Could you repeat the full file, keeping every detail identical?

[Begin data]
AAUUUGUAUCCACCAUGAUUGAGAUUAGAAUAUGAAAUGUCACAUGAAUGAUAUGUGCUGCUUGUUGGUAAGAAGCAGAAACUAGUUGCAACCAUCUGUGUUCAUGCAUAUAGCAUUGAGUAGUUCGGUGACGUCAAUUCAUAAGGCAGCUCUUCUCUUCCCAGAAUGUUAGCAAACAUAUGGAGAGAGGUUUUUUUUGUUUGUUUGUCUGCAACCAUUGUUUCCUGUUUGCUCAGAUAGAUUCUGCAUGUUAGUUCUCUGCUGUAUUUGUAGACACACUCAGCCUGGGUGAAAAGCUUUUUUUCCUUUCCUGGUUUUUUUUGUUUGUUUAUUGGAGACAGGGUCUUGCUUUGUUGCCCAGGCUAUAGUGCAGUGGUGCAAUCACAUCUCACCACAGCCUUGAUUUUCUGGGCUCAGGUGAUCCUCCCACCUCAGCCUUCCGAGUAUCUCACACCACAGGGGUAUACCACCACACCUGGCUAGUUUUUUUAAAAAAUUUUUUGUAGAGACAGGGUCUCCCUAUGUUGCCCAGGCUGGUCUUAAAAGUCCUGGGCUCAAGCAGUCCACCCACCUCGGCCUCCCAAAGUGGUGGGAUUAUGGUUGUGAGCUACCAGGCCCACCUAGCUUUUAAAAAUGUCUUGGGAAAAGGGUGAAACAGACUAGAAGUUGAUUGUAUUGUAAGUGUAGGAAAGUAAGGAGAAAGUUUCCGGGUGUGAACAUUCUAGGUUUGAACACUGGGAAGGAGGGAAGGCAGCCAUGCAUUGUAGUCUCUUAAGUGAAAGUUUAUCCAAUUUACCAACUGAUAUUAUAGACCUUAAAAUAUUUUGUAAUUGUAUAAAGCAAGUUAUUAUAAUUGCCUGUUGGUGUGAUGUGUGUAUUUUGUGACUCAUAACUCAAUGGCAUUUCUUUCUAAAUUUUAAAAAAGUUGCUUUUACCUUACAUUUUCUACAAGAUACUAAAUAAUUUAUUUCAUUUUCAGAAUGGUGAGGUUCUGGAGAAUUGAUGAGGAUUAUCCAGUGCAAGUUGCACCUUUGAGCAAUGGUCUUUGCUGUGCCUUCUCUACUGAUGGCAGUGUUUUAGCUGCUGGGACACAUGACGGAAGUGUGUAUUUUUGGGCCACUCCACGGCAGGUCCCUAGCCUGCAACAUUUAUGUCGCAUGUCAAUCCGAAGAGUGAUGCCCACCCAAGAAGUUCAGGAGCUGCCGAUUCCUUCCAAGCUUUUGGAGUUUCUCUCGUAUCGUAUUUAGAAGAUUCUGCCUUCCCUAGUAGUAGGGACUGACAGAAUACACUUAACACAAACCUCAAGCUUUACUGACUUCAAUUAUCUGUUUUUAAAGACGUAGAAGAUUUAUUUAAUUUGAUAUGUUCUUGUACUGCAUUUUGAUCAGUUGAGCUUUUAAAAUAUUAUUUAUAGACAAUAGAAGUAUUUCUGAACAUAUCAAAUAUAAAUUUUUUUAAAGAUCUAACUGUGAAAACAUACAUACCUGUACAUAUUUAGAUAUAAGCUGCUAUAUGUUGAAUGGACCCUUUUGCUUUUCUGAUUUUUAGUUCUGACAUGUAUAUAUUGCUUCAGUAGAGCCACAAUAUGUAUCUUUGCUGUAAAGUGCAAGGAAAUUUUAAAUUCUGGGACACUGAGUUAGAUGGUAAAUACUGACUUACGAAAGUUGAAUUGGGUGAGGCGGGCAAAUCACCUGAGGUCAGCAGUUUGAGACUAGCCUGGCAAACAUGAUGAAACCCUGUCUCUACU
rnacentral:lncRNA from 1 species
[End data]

AAUUUGUAUCCACCAUGAUUGAGAUUAGAAUAUGAAAUGUCACAUGAAUGAUAUGUGCUGCUUGUUGGUAAGAAGCAGAAACUAGUUGCAACCAUCUGUGUUCAUGCAUAUAGCAUUGAGUAGUUCGGUGACGUCAAUUCAUAAGGCAGCUCUUCUCUUCCCAGAAUGUUAGCAAACAUAUGGAGAGAGGUUUUUUUUGUUUGUUUGUCUGCAACCAUUGUUUCCUGUUUGCUCAGAUAGAUUCUGCAUGUUAGUUCUCUGCUGUAUUUGUAGACACACUCAGCCUGGGUGAAAAGCUUUUUUUCCUUUCCUGGUUUUUUUUGUUUGUUUAUUGGAGACAGGGUCUUGCUUUGUUGCCCAGGCUAUAGUGCAGUGGUGCAAUCACAUCUCACCACAGCCUUGAUUUUCUGGGCUCAGGUGAUCCUCCCACCUCAGCCUUCCGAGUAUCUCACACCACAGGGGUAUACCACCACACCUGGCUAGUUUUUUUAAAAAAUUUUUUGUAGAGACAGGGUCUCCCUAUGUUGCCCAGGCUGGUCUUAAAAGUCCUGGGCUCAAGCAGUCCACCCACCUCGGCCUCCCAAAGUGGUGGGAUUAUGGUUGUGAGCUACCAGGCCCACCUAGCUUUUAAAAAUGUCUUGGGAAAAGGGUGAAACAGACUAGAAGUUGAUUGUAUUGUAAGUGUAGGAAAGUAAGGAGAAAGUUUCCGGGUGUGAACAUUCUAGGUUUGAACACUGGGAAGGAGGGAAGGCAGCCAUGCAUUGUAGUCUCUUAAGUGAAAGUUUAUCCAAUUUACCAACUGAUAUUAUAGACCUUAAAAUAUUUUGUAAUUGUAUAAAGCAAGUUAUUAUAAUUGCCUGUUGGUGUGAUGUGUGUAUUUUGUGACUCAUAACUCAAUGGCAUUUCUUUCUAAAUUUUAAAAAAGUUGCUUUUACCUUACAUUUUCUACAAGAUACUAAAUAAUUUAUUUCAUUUUCAGAAUGGUGAGGUUCUGGAGAAUUGAUGAGGAUUAUCCAGUGCAAGUUGCACCUUUGAGCAAUGGUCUUUGCUGUGCCUUCUCUACUGAUGGCAGUGUUUUAGCUGCUGGGACACAUGACGGAAGUGUGUAUUUUUGGGCCACUCCACGGCAGGUCCCUAGCCUGCAACAUUUAUGUCGCAUGUCAAUCCGAAGAGUGAUGCCCACCCAAGAAGUUCAGGAGCUGCCGAUUCCUUCCAAGCUUUUGGAGUUUCUCUCGUAUCGUAUUUAGAAGAUUCUGCCUUCCCUAGUAGUAGGGACUGACAGAAUACACUUAACACAAACCUCAAGCUUUACUGACUUCAAUUAUCUGUUUUUAAAGACGUAGAAGAUUUAUUUAAUUUGAUAUGUUCUUGUACUGCAUUUUGAUCAGUUGAGCUUUUAAAAUAUUAUUUAUAGACAAUAGAAGUAUUUCUGAACAUAUCAAAUAUAAAUUUUUUUAAAGAUCUAACUGUGAAAACAUACAUACCUGUACAUAUUUAGAUAUAAGCUGCUAUAUGUUGAAUGGACCCUUUUGCUUUUCUGAUUUUUAGUUCUGACAUGUAUAUAUUGCUUCAGUAGAGCCACAAUAUGUAUCUUUGCUGUAAAGUGCAAGGAAAUUUUAAAUUCUGGGACACUGAGUUAGAUGGUAAAUACUGACUUACGAAAGUUGAAUUGGGUGAGGCGGGCAAAUCACCUGAGGUCAGCAGUUUGAGACUAGCCUGGCAAACAUGAUGAAACCCUGUCUCUACU
rnacentral:lncRNA from 1 species